Fungai Lupande Herald Reporter
The Tikki Hywood Trust has commended the Government for its efforts in protecting pangolins which were placed on the Specially Protected Species list since 1975 due to their being highly threatened with extinction. In an interview, Tikki Hywood Trust zoologist Ms Ellen Connelly said pangolins were in danger of becoming extinct.

“We have no accurate population census for pangolins in Zimbabwe, and indeed throughout all the range states where they occur, in both Africa and Asia,” she said.

“We can assume that they are highly threatened with extinction due to the current rate of removal of this animal from its natural environment.

“Added to this is, there is the loss of habitat and food through encroachment of human activities and this spells disaster for a species to continue its existence unassisted.”

Ms Connelly applauded the judicial system and the police for ensuring that poachers are brought to book.

“Although a firm law is deterrent, our aim is for Zimbabweans to embrace this animal as an important part of our heritage,” she said. “We want to engender a spirit of conservation and protection.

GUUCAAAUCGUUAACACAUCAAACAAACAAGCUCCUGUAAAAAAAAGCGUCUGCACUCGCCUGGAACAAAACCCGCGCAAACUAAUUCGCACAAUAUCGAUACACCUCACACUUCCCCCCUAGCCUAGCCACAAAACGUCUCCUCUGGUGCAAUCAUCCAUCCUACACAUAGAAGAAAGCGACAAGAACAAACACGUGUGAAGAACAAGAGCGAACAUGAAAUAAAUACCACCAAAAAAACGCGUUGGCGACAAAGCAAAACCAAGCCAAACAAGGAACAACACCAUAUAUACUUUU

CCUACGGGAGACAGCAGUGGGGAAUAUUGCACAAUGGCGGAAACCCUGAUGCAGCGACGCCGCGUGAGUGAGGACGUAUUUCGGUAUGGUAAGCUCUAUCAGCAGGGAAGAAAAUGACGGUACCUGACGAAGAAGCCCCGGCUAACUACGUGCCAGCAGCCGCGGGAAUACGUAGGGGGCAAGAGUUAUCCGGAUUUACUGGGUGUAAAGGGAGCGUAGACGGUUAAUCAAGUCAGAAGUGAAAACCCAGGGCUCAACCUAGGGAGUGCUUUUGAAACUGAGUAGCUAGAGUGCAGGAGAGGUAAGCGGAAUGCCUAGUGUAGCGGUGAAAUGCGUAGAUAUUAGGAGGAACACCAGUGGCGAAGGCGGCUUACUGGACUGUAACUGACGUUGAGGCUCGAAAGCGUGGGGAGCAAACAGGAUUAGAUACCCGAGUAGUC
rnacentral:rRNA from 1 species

Pangolins are harmless, they cannot bite and will only react aggressively if threatened.

“Their diet is exclusively ants, ant eggs and termites and termite eggs. Pangolins have officially been recognised as the most traded mammal in Asia, making them very endangered.”

“In Zimbabwe we only have one species of the eight occurring worldwide and it is called a Ground Pangolin.” Ms Connelly said her organisation is involved with the rescue, release and rehabilitation of the pangolin.

“We also work with Kirsty Coventry, who is officially Zimbabwe’s Pangolin Ambassador,” she said.

“The demand for pangolin scales and meat is very high. Ironically, pangolin scales are made of the same stuff as rhino horn called Keratin,” she said.